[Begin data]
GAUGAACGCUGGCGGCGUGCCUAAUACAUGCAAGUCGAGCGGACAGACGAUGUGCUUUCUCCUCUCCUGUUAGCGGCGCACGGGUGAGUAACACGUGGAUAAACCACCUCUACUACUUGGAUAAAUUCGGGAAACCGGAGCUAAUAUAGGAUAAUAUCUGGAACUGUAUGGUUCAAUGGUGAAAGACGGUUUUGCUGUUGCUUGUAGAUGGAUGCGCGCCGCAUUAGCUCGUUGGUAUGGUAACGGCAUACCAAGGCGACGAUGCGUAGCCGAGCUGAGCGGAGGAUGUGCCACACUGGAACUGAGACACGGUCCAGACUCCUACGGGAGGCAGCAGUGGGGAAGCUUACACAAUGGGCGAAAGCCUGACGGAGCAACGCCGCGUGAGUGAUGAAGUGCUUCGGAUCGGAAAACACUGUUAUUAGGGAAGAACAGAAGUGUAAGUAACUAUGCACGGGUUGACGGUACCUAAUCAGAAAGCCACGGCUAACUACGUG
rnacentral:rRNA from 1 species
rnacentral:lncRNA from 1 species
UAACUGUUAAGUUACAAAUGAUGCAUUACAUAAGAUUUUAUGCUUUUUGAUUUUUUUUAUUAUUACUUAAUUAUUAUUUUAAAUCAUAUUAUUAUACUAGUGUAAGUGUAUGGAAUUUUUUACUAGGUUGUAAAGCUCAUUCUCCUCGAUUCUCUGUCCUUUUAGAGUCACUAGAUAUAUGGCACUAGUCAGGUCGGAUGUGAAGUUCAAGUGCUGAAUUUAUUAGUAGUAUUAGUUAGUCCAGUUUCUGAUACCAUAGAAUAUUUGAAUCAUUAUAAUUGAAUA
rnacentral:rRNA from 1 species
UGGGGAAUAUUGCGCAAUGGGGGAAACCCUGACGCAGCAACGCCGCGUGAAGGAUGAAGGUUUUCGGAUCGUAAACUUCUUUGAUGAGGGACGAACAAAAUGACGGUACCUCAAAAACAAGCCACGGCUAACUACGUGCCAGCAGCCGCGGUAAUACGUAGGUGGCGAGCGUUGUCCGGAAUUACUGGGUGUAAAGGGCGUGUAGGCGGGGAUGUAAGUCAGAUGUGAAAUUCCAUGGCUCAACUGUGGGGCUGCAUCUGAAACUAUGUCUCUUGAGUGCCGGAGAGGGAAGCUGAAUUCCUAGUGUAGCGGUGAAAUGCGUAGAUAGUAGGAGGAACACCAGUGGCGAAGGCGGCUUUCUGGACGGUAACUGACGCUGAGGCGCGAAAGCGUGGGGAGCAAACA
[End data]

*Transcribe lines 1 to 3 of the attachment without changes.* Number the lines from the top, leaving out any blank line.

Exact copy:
GAUGAACGCUGGCGGCGUGCCUAAUACAUGCAAGUCGAGCGGACAGACGAUGUGCUUUCUCCUCUCCUGUUAGCGGCGCACGGGUGAGUAACACGUGGAUAAACCACCUCUACUACUUGGAUAAAUUCGGGAAACCGGAGCUAAUAUAGGAUAAUAUCUGGAACUGUAUGGUUCAAUGGUGAAAGACGGUUUUGCUGUUGCUUGUAGAUGGAUGCGCGCCGCAUUAGCUCGUUGGUAUGGUAACGGCAUACCAAGGCGACGAUGCGUAGCCGAGCUGAGCGGAGGAUGUGCCACACUGGAACUGAGACACGGUCCAGACUCCUACGGGAGGCAGCAGUGGGGAAGCUUACACAAUGGGCGAAAGCCUGACGGAGCAACGCCGCGUGAGUGAUGAAGUGCUUCGGAUCGGAAAACACUGUUAUUAGGGAAGAACAGAAGUGUAAGUAACUAUGCACGGGUUGACGGUACCUAAUCAGAAAGCCACGGCUAACUACGUG
rnacentral:rRNA from 1 species
rnacentral:lncRNA from 1 species